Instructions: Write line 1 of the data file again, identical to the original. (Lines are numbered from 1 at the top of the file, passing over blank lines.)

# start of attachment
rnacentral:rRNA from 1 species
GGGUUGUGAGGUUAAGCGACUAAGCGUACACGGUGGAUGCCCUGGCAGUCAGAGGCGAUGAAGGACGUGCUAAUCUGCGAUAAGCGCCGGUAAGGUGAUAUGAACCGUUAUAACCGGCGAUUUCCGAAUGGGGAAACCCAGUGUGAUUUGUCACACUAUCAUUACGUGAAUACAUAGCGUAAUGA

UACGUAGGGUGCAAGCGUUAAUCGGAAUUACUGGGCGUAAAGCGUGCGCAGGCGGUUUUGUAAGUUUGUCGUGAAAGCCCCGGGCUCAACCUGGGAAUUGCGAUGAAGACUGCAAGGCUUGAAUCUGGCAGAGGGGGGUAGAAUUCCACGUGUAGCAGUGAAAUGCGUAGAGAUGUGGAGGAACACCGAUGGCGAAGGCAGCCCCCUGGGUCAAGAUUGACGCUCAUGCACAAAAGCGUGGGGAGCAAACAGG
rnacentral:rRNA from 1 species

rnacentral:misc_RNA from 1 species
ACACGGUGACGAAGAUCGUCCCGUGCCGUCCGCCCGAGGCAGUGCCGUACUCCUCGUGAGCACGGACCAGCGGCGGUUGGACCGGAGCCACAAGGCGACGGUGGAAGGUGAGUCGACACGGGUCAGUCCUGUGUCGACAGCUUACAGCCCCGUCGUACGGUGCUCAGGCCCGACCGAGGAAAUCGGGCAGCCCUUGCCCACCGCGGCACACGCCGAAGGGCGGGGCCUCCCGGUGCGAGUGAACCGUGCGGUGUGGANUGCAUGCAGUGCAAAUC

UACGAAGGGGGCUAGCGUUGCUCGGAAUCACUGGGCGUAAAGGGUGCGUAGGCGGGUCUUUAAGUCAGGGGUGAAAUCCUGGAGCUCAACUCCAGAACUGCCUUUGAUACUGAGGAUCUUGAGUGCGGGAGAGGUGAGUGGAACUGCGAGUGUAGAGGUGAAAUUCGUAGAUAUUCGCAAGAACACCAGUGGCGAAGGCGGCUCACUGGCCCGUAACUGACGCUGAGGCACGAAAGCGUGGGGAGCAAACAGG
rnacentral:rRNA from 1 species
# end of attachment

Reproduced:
rnacentral:rRNA from 1 species